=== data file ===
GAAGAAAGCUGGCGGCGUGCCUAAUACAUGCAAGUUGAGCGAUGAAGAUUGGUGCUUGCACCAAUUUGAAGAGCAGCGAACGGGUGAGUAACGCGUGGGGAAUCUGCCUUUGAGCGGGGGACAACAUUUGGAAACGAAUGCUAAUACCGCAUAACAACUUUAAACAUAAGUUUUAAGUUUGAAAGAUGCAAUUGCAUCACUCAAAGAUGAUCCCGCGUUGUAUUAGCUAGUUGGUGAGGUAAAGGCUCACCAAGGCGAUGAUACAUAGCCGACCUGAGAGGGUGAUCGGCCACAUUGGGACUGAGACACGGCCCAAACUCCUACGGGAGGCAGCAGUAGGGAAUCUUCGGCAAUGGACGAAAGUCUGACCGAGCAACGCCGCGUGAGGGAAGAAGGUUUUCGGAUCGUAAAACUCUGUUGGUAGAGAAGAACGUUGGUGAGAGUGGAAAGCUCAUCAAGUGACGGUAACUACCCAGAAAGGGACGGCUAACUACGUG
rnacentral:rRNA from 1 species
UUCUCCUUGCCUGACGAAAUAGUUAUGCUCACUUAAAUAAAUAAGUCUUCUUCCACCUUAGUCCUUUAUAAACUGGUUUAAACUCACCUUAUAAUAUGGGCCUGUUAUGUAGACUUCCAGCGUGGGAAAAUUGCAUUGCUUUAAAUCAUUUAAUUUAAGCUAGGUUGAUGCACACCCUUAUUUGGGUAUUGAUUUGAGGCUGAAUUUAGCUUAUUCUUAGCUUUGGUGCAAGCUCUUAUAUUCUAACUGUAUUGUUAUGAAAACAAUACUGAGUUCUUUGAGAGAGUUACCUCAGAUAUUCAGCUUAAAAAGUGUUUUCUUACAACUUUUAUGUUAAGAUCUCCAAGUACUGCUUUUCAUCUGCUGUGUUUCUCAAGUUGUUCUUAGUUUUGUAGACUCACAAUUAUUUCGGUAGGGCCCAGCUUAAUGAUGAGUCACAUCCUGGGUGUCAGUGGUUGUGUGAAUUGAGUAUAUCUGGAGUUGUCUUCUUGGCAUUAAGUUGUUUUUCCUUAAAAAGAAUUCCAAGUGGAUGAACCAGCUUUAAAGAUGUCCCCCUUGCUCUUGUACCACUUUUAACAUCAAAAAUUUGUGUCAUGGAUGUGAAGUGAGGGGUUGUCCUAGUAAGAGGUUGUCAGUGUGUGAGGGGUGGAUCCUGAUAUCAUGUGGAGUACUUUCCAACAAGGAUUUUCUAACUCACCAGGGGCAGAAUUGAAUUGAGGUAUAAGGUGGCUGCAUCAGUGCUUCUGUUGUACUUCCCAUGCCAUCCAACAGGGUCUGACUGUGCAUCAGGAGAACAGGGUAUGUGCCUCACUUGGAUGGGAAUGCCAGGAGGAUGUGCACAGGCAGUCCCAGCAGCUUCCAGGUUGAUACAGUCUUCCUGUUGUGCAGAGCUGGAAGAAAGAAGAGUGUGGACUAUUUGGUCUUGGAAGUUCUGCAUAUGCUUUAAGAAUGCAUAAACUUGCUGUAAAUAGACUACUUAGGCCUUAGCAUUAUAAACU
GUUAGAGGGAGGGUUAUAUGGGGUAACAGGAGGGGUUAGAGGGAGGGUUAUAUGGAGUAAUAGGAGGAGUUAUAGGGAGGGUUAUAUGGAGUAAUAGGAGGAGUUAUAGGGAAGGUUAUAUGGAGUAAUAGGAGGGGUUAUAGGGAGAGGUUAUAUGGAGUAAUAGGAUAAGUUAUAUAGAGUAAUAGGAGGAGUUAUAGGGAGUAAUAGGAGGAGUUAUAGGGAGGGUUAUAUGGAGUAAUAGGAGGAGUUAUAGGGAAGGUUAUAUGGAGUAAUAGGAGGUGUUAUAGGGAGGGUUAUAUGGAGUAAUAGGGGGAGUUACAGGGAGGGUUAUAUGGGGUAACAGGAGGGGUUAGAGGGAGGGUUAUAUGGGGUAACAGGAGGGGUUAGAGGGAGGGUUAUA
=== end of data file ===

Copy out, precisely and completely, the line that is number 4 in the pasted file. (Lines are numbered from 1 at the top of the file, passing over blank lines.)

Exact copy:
GUUAGAGGGAGGGUUAUAUGGGGUAACAGGAGGGGUUAGAGGGAGGGUUAUAUGGAGUAAUAGGAGGAGUUAUAGGGAGGGUUAUAUGGAGUAAUAGGAGGAGUUAUAGGGAAGGUUAUAUGGAGUAAUAGGAGGGGUUAUAGGGAGAGGUUAUAUGGAGUAAUAGGAUAAGUUAUAUAGAGUAAUAGGAGGAGUUAUAGGGAGUAAUAGGAGGAGUUAUAGGGAGGGUUAUAUGGAGUAAUAGGAGGAGUUAUAGGGAAGGUUAUAUGGAGUAAUAGGAGGUGUUAUAGGGAGGGUUAUAUGGAGUAAUAGGGGGAGUUACAGGGAGGGUUAUAUGGGGUAACAGGAGGGGUUAGAGGGAGGGUUAUAUGGGGUAACAGGAGGGGUUAGAGGGAGGGUUAUA